Album Review :
Ashtree - Rescue the Light

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Album: Rescue the Light

Band: Ashtree (Facebook)

Label: Jackie Darling

Release: 3/6/12

Reviewer: BrodyB

  1. January
  2. Wide Open
  3. I’m Sure
  4. Backbone
  5. Rescue the Light
  6. Pretender
  7. Fall Back
  8. Hold Me Slow
  9. You Won’t Have To
  10. Closer

While I am an avid music lover who is constantly on the prowl for upcoming artists, piano driven indie rock is seldom a genre I explore. I really am not sure why the genre escapes me. In fact, I love artists like Seabird and Deas Vail. But regardless, Ashtree has inspired me to perhaps look more into that genre more in the future.

The Denver, CO quintet starts “Rescue the Light” off on a slower note, with the dreamy and solemn track, January. The song is a great blend of piano with atmospheric, swirling guitars making for a very moody introduction. Wide Open picks up the pace from its’ dreary predecessor, having a more pop influenced feel to it, complete with a catchy chorus and and more driving guitars. However, don’t fret, the piano is still present. I feel that Wide Open is a song that would be a hit on the radio. I’m Sure continues the trend of extremely catchy, radio friendly tunes that will bring a smile to the listener’s face and have their toes tapping the ground. The highlight of I’m Sure is vocalist Will Johnston as he provides a flawless performance, transitioning from the more laid back verses to full on belting out the chorus. Keeping the trend of solid songs going, Backbone, the primarily piano rocker provides one of the catchiest choruses I’ve heard in quite some time. Pretender has the potential to be a fan favorite for live shows, keeping the energy up throughout the verses and even into the chorus.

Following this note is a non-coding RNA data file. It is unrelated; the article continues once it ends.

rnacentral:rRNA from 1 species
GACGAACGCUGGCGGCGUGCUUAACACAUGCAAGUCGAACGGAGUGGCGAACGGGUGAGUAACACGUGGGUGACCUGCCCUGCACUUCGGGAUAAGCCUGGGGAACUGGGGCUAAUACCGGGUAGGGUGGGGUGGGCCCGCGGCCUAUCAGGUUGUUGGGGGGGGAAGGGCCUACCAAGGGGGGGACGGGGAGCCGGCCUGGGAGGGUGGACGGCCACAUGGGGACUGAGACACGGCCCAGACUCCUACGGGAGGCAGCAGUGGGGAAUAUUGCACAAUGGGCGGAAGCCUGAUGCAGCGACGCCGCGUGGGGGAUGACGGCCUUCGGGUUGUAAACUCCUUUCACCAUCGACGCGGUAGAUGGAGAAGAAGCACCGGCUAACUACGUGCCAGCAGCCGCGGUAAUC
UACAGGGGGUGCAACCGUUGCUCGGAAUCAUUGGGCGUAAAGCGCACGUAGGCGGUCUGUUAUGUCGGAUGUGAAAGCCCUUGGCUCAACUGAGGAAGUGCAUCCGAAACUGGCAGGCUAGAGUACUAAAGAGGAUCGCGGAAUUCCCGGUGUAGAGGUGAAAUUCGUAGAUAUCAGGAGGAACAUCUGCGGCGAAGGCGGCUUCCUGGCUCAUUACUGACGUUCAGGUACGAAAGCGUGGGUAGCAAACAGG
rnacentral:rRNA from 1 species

While the first six songs of “Rescue the Light” are undoubtedly some of the best indie/pop music I’ve heard in quite some time (besides my miniscule knowledge of the genre), the last four songs did not hold my interest in quite the same way. After Pretender concluded, I was unable to really get into the songs as much. I think it was a combination of Ashtree sticking to a predictable verse chorus formula alongside less memorable chorus’ that had me slightly detached. Don’t get me wrong, going back and listening to the songs on their own was still a good experience, however I felt like the last four songs on the album would not be able to stand on their own as singles like the other six songs.

Ashtree has sparked my interest in this genre that is seemingly unexplored by me, even to the point I found myself checking out artists under “indie pop” tags on last.fm (Something I would not have found myself doing a few weeks ago). Although I believe the guys in Ashtree are more than capable of crafting excellent single worthy material, I hope to see some more growth with their next release, to the point where their whole album keeps me hooked.

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